Last updated 4.9.2020
Paycheck Protection Program Loan
The Paycheck Protection Program loan is a forgivable loan for small businesses designed to incentivize businesses to retain their workers. The loan is administered by the Small Business Administration (SBA) and guaranteed by the SBA.
Loan Forgiveness Criteria
- Loan proceeds must be used to cover payroll costs, mortgage interest, rent, and utility costs over the 8-week period after the loan is made.
- Loan forgiveness is be reduced if you decrease the number of full-time employees.
- Employee salary and wages must be maintained. Loan forgiveness will also be reduced if salaries and wages are decreased by more than 25% for any employee that made less than $100,000 annualized in 2019.
- By June 30, 2020 the full-time employment and salary levels for any changes made between February 15, 2020 and April 26, 2020 must be restored.
Maximum Loan Amount
- The lesser of $10 million or 2.5 times the average monthly payroll in the 12 months preceding the loan. For seasonal employers, the 12-week period beginning February 15, 2019, or from March 1, 2019 to June 30, 2019. For new employers, January 1, 2020 to February 29, 2020.
Any business concern, nonprofit organization, veterans organization or Tribal business that employ less than 500 employees (including employees of affiliates - see update on Affiliation Rules), or the size standard set by the SBA, as well as sole proprietorships, independent contractors and eligible self-employed individuals. For purposes of determining the number of employees, the term “employee” includes those employed on a full-time, part-time, or other basis. Also applies to accommodation and food services businesses with 500 or fewer employees per physical location. All businesses must have been operational on February 15, 2020.
Covered Loan Period
February 15, 2020 to June 30, 2020.
Use of Loan Proceeds
Loan proceeds may be used to pay for payroll costs, costs related to the continuation of group health care benefits, mortgage payments, rent, utilities, and interest on any other debt obligations that were incurred before February 15, 2020.
Payroll costs include:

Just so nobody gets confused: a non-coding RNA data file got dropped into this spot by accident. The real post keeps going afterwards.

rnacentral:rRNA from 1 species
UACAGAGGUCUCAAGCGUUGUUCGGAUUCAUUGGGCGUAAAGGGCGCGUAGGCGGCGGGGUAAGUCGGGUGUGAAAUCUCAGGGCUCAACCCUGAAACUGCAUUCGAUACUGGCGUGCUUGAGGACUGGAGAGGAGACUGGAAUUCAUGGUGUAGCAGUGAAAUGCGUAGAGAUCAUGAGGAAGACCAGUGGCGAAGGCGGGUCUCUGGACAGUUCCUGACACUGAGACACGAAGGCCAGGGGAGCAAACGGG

- Salary, wages, commissions, or tips (capped at $100,000 on annualized basis for each employee)
- Benefits costs including, vacation, parental, family, medical, or sick leave; group health care, including insurance premiums; retirement benefit payments, and separation or dismissal allowances
- State and local taxes assessed on compensation
- Excludes payments to independent contractors and qualified sick and family leave wages for which a credit is allowed under the Families First Coronavirus Response Act. FFCRA tax credit information can be found here FFCRA Paid Leave Tax Credit.
When applying, the applicant must certify:
- The Applicant is eligible to receive a loan under the rules in effect at the time this application is submitted that have been issued by the SBA and at the time the loan is funded.
- The Applicant (1) is an independent contractor, eligible self-employed individual, or sole proprietor or (2) employs no more than the greater of 500 or employees or, if applicable, the size standard in number of employees established by the SBA in 13 C.F.R. 121.201 for the Applicant’s industry.
- That the information provided in the application and the information provided in all supporting documents and forms is true and accurate in all material respects.
- To an understanding that knowingly making a false statement to obtain a guaranteed loan from SBA is punishable under the law, including under 18 USC 1001 and 3571 by imprisonment of not more than five years and/or a fine of up to $250,000; under 15 USC 645 by imprisonment of not more than two years and/or a fine of not more than $5,000; and, if submitted to a federally insured institution, under 18 USC 1014 by imprisonment of not more than thirty years and/or a fine of not more than $1,000,000.
Loan Particulars (for that portion of the loan not forgiven)
- Payment of principal, interest, and fees deferred for 6 months - 1 year.
- Loan is amortized over 2 years at a 1.00% fixed rate.
- No prepayment penalty, personal guaranty or collateral required.
- Unless the loan proceeds are used for a non-authorized purpose, the SBA has no recourse to the shareholders, members or partners of the business for nonpayment of the loan.
Applying for a PPP Loan
Eligible businesses can apply for the PPP loan at any lending institution that is approved to participate in the program through the existing U.S. Small Business Administration SBA 7(a) lending program. Applicants are eligible to apply for the loan until June 30, 2020.
SBA Express Loan
An SBA Express Loan is a financing option that was available to small and medium size business owners prior to enactment of the CARES Act. The CARES Act simply revises the loan terms so that through December 31, 2020, the maximum amount that may be borrowed is increased from $350,000 to $1,000,000.
Economic Injury Disaster Loan
The Economic Injury Disaster Loan (EIDL) expands the existing EIDL loan program under the SBA.
Maximum Loan Amount
Capped at $2 million.
“Small business concerns” who are currently eligible under original EIDL program, any business, cooperative, Employee Stock Ownership Plan (ESOP) or tribal business concern with fewer than 500 employees, private nonprofit organizations, small agricultural cooperatives, and individuals who operate as a sole proprietorship or an independent contractor with or without employees.
Covered Loan Period
January 31, 2020 to December 31, 2020
Use of Loan Proceeds
Loan proceeds can be used to provide sick leave to employees unable to work due to COVID-19, payroll, increased material costs due to interrupted supply chains, rent or mortgage payments, repaying obligations that cannot be met due to revenue losses.